Why Doctors Still Use Pagers
Holly May is a Consultant at Health Advances.
Despite the wave of innovative clinical apps for smartphones, iPads, and even Google Glass, the medical profession is not known as a bastion of modern innovation.
Case in point: physicians still carry pagers. One recent estimate cites 90%+ of hospitals still use pagers.
Conventional wisdom attributes the persistence of pagers in healthcare to the glacial pace of change in hospitals and clinics. According to this view, healthcare institutions are behind the times and reluctant to embrace new things, and that’s why we still fill out paper intake forms or fax medical records or call for lab results.
While this criticism of the healthcare industry rings true, there is another explanation: pagers fill a need that cell phone and smartphone technology fail to address adequately. In this view, novel products could fill this need in the future.
It’s the 21st Century, Why Pagers?
Pagers were first patented in the late 1940s for use in New York City’s Jewish Hospital and became a mainstream consumer device throughout the 1980s. Even though cell phones and smartphones have become widespread, these devices pose multiple unique challenges in medicine.
The main challenges posed by smartphones in medicine fall into three categories: technical, cost, and security.
- Transmission of critical or emergency messages must be reliable, yet cellular and wifi networks can be disabled due to catastrophes, natural disasters or even technical problems (looking at you, Blackberry*).
- Recharging a phone takes time and requires electricity, which may not be available in emergencies.
Rolling out smartphones is expensive: NYU Langone Hospital spent $10-20K to purchase equipment and data plans, develop applications and pilot 16 smartphones in the hospital.
SECURITY AND HIPAA
- Data breaches put patient information at risk. For example, >90% of US hospitals experienced a data breach in 2012 and 75% of hospitals are not sufficiently securing devices with patient data. Dealing with these HIPAA violations is very expensive.
- Potential unprofessional behavior by staff jeopardizes hospital records. Nurses have been disciplined for discussing patient situations on Facebook or posting photos of unusual x-rays. Arming healthcare personnel with smartphones creates liability.
- Texting, a promising communication method, does not leave a message or audit trail, is not encrypted, and autocorrect may result in transmitting an erroneous message with grave clinical implications. One violation can result in a fine of $50,000 and repeat violations can lead to $1.5 million in fines in a single year.
There are plenty of other obstacles that smartphones pose. Important clinical messages get mixed up alongside personal messages and content in the inbox. Texting apps may not integrate with the hospital’s central database for contact information, and a user may not receive texts if the phone is in active use during a voice call.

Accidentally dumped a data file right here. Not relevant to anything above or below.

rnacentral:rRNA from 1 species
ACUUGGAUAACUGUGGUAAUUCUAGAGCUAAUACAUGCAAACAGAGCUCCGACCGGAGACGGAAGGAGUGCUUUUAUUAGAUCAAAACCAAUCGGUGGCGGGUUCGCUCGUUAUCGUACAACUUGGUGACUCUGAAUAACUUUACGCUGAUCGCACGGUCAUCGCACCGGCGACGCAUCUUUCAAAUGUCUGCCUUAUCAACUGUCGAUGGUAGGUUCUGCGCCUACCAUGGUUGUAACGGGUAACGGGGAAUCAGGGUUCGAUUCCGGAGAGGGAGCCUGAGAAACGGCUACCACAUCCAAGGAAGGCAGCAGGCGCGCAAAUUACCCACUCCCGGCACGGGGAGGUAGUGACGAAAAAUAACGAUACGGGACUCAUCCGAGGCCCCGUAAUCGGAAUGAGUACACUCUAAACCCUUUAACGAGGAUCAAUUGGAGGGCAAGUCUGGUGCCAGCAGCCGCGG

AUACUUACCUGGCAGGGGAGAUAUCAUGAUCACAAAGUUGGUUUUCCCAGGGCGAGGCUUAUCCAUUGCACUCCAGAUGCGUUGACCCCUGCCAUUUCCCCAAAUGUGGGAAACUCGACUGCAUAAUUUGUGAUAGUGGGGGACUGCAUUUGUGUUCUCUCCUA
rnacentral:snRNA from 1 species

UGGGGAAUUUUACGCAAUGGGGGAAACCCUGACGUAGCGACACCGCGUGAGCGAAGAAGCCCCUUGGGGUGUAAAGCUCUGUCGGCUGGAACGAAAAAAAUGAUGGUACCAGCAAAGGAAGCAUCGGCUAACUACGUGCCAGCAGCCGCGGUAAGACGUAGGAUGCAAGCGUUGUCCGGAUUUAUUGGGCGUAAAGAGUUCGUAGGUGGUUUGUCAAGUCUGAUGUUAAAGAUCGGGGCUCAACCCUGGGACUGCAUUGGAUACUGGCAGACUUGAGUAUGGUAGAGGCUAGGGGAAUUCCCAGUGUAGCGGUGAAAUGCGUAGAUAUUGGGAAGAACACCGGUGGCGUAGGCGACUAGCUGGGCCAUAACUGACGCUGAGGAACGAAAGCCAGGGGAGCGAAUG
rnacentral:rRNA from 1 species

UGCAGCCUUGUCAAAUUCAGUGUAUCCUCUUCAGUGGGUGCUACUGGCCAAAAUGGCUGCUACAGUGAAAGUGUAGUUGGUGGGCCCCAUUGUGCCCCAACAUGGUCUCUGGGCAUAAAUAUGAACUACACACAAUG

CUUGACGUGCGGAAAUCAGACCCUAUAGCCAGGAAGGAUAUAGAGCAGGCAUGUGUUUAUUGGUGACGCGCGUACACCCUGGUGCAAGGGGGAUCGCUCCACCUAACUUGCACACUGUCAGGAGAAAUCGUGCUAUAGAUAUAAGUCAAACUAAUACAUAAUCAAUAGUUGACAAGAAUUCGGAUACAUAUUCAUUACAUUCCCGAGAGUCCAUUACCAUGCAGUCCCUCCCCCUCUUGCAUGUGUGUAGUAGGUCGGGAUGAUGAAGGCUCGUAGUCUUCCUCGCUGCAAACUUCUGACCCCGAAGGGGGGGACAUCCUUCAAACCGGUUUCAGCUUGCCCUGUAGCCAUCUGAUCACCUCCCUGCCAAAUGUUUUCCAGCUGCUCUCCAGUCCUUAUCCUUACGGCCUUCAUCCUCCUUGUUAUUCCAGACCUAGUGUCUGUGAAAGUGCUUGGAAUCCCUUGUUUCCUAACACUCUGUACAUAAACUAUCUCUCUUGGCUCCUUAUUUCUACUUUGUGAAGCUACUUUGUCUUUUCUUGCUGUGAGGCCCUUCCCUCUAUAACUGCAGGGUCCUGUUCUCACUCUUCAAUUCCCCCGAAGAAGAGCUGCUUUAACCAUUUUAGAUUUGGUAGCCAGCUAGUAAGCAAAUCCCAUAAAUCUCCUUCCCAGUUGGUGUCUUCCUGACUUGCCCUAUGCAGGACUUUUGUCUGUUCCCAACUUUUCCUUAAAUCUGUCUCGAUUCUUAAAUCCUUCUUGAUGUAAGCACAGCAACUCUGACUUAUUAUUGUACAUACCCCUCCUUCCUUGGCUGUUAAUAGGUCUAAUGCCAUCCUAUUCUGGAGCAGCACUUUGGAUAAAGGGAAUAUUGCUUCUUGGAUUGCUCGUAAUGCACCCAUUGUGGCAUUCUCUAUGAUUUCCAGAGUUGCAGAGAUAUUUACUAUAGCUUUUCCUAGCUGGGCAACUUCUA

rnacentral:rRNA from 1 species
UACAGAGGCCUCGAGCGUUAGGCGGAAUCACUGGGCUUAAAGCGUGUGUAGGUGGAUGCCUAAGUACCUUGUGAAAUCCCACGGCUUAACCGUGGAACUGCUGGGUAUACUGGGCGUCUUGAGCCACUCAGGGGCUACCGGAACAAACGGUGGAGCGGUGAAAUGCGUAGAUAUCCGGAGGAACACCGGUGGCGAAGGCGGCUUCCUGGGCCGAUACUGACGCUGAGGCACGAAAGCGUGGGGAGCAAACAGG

On the flipside, pagers offer several key benefits:
- Reliable networks, ensuring transmission of messages even in emergencies
- Strong signals: cell sites might cover 10-15 miles, while a pager transmitter can cover 150 miles, enabling communication in rugged and rural locations
- Designed solely for transmitting critical messages; a user does not have to sort out the critical messages from the barrage of texts, emails, and video content present in one’s inbox
- Recharging is as simple as popping in another AA battery
- No storage of patient data
What does this mean for health tech innovators?
It’s no doubt that smartphones are invaluable to the practice of medicine — instantaneous access to the world’s medical information, the ability to manage patients remotely, and stay in touch with patients and families are all major advancements.
But the reasons smartphones haven’t displaced pagers are surprisingly rational. Digital health entrepreneurs and EHR vendors must recognize that pagers play a key role in medicine. The persistence of these old-school devices is not only an analogue for the slow pace of adoption of communication technology in medicine, but represents the opportunity for new products that specifically address the unique challenges in healthcare settings.
We may not need SnapChat for Doctors, but we need an easy to use, encrypted, secure texting tool for medical staff that comes pre-loaded with clinical vocabulary. This could enable medical professionals to communicate about drug dosing and test results and could be a big winner. In addition to health systems building their own tools in-house, a lot of companies are already pursuing this space: TigerText, Cortext, MediGram, and HIPPOmsg just to name a few.
Across the digital health ecosystem, companies that understand the unique challenges faced by medical institutions and can develop and implement a compliant and sensible mobile device strategy could see support from hospital administrators and clinical staff.
* Blackberry has a history plagued with network disruptions and blackouts. Most notably, in 2011, Blackberry endured a three-day blackout that interrupted email and Internet services for tens of millions of frustrated users.